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Old 25-07-2009, 09:34   #19
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Portuguese Water Dogs are known for their tremendous swimming ability!
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Old 01-11-2009, 12:23   #20
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the Portuguese Waterdog

A Portuguese Water Dog is a pretty energetic animal. No way to keep him locked on board all the time.[/QUOTE]

Scuba, our Portuguese Water Dog is now 2 years old and lives on board with us, for the last 6 months. She is a fantastic companion and she behaves very well on board. While sailing, she is very quiet, never sick and does not bother with 35 knots wind or thunderstorms...As we sail in the Med, the longest distance without stop over has been 200 NM. When she needs to... she advices you! Obviously when we reach land she <explodes> and will run a lot.
By the way to have a dog on board is like having a public relation officer on board, it increases you contacts with the locals... and since Mr. Obama has got a dog of that breed, Scuba is often the center of the attentions.
Bernie, a friend we met in Majorca, who sails since years with his Portuguese waterdog is fanatic about the breed and if you need any counsel I am sure he will be pleased to help you ( berniekreten@yahoo.com).
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Old 02-11-2009, 09:13   #21
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Antigua

Hi Hud3 and thanks for the info!

I contacted Antigua because it is a Brit colony/independent. They informed me that a visiting pet even if never off the boat still counts as an IMPORTATION. Now, maybe the health officials think that and maybe the port police/immigration people just donīt care. Weīve run into that a lot!!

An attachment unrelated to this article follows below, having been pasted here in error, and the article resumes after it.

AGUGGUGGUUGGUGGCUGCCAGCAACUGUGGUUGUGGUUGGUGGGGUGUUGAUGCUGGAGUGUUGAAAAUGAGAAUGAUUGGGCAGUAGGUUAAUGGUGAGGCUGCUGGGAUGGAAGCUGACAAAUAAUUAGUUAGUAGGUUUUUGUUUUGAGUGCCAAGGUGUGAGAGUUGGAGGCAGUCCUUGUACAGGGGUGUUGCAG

However, it was not difficult to get all of Macīs papers together, she only needed one titre and Iīve bought her PETS now. Sheīs had the chip for a while, and all her meds are updated plus I am carrying one dose supply on board so if weīre at sea for more than 20 days, I can administer the meds myself. Also in case I canīt find a Vet in the Cape Verde Islands, which is our last planned stop before crossing to Antigua.

So if someone DOES decide to take our visit all the way at least Iīm in compliance and have saved the emails. The dept. was extremely nice in sending me all the details and answering my emails promptly.

They also informed me that no animal under the age of 3 months and without at least the first Rabies shot would be allowed in under any circumstances.

Frequently, like everything else we cruisers seem subject to, it seems itīs just the whim of the guy you get thatīs behind the desk that day and whether or not heīs having a bad day....
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Old 12-06-2010, 10:31   #22
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You will probably find the former British Islands use the old British legislation which is very strict. It wasn't until the UK became part of the EU some of the more primitive laws were relaxed. Dogs now have to carry a pet passport which contains their current vacination status and microchip data. See information on the PETS (Pet travel scheme) at Defra, UK - Animal health and welfare - Pet Travel Scheme - Dogs, cats and ferrets this will show you the territories and caribbean islands that operate this scheme.

It's a nightmare getting pets back in to the UK, you can only arrive on certain transport (ferries, aeroplanes), at specified ports, and vacinations must have been carried out in the last 48 hours prior to arrival. As an example if I want to sail back to the UK with the dog, I have to drop off the wife and dog at a French ferry port, get a vet to vacinate the dog and stamp its passport, they then have to get on a ferry and I have to single hand cross the channel to meet them at the other end, once cleared they can then get back on our boat. If all of this isn't met the dog is put into quarantine for 6 months.
A royal pain in the backside.
From the Defra website- "You may not bring a pet into the UK from a private boat or plane."
Very unfortunate. I'll have to skip all British territories on my cruise, it seems.
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Old 12-06-2010, 10:44   #23
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DId you have any problems returning to the U.S. from the Bahamas? I've heard that it's more problematic coming back to the U.S. that it is getting into most other countries. I plan to keep Lola on the boat at all times. I would never risk her escaping.